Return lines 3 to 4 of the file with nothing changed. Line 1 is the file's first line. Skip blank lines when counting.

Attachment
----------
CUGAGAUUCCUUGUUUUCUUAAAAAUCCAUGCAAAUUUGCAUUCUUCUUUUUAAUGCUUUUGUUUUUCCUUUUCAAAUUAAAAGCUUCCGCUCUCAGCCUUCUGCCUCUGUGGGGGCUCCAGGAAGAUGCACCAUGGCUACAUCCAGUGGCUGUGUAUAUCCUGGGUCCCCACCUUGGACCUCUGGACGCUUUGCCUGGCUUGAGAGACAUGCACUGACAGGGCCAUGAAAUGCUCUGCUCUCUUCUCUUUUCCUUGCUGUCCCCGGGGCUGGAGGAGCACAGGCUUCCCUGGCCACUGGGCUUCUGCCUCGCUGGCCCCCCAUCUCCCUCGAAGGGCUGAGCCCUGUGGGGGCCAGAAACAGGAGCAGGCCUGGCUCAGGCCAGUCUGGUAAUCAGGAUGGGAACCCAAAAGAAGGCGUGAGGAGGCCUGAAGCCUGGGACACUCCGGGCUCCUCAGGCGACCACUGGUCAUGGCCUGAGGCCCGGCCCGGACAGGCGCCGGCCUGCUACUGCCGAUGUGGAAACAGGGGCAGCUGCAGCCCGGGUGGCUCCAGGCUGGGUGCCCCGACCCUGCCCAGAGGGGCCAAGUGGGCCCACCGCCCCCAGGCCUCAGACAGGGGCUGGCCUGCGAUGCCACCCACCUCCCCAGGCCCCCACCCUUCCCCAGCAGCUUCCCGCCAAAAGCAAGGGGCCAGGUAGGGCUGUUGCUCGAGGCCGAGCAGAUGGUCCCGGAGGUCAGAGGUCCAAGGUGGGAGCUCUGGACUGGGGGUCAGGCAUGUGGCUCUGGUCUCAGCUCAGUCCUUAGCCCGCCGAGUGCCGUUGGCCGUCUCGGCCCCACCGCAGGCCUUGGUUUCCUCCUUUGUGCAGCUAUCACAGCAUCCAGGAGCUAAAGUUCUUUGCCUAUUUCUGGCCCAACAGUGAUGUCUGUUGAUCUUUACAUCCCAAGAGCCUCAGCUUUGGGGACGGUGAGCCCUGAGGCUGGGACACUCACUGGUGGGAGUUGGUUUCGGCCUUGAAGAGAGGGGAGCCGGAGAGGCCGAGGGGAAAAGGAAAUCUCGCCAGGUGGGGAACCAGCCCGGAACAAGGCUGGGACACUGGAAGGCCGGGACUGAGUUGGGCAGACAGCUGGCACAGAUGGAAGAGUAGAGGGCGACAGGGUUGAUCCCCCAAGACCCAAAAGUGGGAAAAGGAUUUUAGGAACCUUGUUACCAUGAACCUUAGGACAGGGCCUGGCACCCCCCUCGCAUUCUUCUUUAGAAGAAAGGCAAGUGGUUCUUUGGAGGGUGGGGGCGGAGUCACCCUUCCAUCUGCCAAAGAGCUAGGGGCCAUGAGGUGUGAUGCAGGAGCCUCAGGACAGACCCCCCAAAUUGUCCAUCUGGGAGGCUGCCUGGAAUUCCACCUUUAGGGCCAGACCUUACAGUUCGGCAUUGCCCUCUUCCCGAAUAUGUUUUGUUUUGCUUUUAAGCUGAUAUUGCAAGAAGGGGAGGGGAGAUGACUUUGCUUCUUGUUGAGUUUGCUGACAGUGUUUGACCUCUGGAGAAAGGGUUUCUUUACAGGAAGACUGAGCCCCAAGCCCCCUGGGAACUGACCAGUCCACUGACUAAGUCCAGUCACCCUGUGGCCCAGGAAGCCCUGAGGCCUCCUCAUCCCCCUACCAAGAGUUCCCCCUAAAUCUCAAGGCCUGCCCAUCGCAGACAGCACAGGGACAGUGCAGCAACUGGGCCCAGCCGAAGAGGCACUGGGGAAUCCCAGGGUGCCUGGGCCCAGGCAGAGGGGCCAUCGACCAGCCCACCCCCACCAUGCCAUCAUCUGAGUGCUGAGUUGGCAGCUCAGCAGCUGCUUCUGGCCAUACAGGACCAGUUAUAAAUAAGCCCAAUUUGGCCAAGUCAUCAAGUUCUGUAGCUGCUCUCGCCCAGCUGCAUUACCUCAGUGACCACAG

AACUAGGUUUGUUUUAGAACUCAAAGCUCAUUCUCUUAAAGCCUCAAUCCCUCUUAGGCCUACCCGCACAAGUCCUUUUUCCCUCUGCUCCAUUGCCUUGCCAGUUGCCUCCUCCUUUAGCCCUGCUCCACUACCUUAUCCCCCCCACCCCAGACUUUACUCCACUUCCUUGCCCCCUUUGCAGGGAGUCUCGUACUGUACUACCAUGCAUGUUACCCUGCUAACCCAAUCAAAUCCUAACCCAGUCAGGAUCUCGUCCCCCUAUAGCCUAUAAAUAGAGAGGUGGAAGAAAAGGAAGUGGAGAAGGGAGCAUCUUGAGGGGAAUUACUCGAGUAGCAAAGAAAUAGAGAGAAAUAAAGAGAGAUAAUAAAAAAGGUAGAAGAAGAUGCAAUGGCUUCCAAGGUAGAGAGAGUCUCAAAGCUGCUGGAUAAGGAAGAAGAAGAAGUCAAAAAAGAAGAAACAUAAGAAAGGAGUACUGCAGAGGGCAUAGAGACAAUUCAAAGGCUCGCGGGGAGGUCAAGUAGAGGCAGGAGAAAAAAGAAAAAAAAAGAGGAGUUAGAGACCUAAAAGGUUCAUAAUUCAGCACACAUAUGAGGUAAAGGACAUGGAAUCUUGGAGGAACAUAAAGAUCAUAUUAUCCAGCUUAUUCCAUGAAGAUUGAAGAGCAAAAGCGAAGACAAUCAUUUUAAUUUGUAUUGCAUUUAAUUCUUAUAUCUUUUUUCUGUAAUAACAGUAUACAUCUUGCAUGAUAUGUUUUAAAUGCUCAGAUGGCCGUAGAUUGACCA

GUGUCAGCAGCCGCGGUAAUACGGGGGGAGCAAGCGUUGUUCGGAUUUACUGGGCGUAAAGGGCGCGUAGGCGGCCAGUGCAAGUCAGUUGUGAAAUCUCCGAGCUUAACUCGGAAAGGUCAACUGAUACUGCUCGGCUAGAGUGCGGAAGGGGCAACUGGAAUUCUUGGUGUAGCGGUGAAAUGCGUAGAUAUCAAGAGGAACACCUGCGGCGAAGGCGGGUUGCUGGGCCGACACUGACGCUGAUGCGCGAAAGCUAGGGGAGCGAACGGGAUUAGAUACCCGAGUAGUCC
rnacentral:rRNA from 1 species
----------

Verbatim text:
GUGUCAGCAGCCGCGGUAAUACGGGGGGAGCAAGCGUUGUUCGGAUUUACUGGGCGUAAAGGGCGCGUAGGCGGCCAGUGCAAGUCAGUUGUGAAAUCUCCGAGCUUAACUCGGAAAGGUCAACUGAUACUGCUCGGCUAGAGUGCGGAAGGGGCAACUGGAAUUCUUGGUGUAGCGGUGAAAUGCGUAGAUAUCAAGAGGAACACCUGCGGCGAAGGCGGGUUGCUGGGCCGACACUGACGCUGAUGCGCGAAAGCUAGGGGAGCGAACGGGAUUAGAUACCCGAGUAGUCC
rnacentral:rRNA from 1 species